Double taxation is a horrible practice, which many governments around the world embrace thoroughly. It’s the nasty habit of a government to tax your company’s profits, and then when you distribute the after-tax profits to the shareholders, they, too, have to pay tax on money for which the company already paid tax.
In the United States, we have wrestled with the dividend tax in many ways, but the creation of the IRS tax code known as Subchapter S is probably the best known and most effective way to avoid double taxation. Basically, it states that a company organized as an S corporation does not pay tax at the entity level. Instead, the company passes its dividends through to its shareholders and they pay the tax on their portion of ownership.
Pass-through tax treatment can also be achieved through the LLC but major corporations, with thousands of shareholders, cannot avoid double taxation since there is 100-person limit on the number of shareholders an S-Corp can have.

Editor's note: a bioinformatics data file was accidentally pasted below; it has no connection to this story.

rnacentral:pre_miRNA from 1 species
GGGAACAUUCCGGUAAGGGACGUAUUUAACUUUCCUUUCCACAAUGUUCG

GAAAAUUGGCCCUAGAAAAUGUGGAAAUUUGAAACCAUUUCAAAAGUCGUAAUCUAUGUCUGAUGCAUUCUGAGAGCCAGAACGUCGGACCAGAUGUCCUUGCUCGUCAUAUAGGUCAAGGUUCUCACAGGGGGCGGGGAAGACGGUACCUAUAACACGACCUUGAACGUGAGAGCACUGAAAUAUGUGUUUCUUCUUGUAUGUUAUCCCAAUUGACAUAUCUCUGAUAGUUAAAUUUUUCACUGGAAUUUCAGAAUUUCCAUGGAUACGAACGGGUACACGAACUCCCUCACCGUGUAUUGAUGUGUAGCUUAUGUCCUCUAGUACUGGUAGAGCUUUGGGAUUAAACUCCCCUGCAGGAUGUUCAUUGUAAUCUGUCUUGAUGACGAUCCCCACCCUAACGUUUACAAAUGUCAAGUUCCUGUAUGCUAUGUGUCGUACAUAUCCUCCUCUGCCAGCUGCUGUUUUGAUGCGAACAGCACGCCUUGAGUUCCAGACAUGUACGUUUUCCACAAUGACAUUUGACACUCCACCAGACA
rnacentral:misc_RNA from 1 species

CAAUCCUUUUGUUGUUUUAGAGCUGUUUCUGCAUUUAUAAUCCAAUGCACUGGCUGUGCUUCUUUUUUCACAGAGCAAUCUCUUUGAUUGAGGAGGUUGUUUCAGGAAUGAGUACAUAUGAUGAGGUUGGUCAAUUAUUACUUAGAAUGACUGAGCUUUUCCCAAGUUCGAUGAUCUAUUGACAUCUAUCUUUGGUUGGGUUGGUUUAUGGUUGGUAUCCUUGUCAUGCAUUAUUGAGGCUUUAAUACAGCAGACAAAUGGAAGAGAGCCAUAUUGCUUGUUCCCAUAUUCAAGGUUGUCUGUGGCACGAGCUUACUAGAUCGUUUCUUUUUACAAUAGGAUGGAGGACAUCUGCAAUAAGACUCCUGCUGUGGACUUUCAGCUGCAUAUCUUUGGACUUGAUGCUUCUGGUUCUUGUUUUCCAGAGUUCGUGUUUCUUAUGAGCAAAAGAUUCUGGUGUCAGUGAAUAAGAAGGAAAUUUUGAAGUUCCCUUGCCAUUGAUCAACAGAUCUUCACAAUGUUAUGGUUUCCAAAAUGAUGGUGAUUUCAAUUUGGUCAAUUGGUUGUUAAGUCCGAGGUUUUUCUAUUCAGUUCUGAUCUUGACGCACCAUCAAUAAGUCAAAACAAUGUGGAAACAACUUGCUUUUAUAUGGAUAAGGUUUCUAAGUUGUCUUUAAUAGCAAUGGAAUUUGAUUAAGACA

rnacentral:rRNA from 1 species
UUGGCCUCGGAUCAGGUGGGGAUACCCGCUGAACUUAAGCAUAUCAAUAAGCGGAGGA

This blog category will help you understand all the benefits of an S corporation as time goes on. We invite you to join the conversation by leaving a question or comment.
THE AUTHOR OF THIS BLOG ARTICLE IS NOT A LAWYER AND HARVARD BUSINESS SERVICES, INC. IS NOT A LAW FIRM. THE ARTICLE ABOVE IS NOT INTENDED AS LEGAL ADVICE AND SHOULD NOT BE TAKEN AS LEGAL ADVICE. THIS SHORT ARTICLE IS STRICTLY TO MENTION SOME ASPECTS OF DELAWARE’S CORPORATION LAWS AND/OR LAWS RELATING TO OTHER FORMS OF ENTITIES WHICH YOU MAY NOT BE FAMILIAR WITH. WE RECOMMEND THAT YOU CONSULT WITH A LAWYER BEFORE FORMULATING A STRATEGY WHICH WILL BE SUITABLE FOR YOUR SPECIFIC CASE.
There is 1 comment left for A Brief Background on S-CorporationsEka said: Saturday, April 14, 2018
Does income have to be passed onto shareholders in S corporation or van it remain in the corporationHBS Staff replied: Tuesday, April 17, 2018
Traditionally, the profits and the losses of an S corporation pass through the entity to the shareholders; however, without details, it is hard to answer that question, as there are other options. Your best bet is to consult an accountant or tax attorney.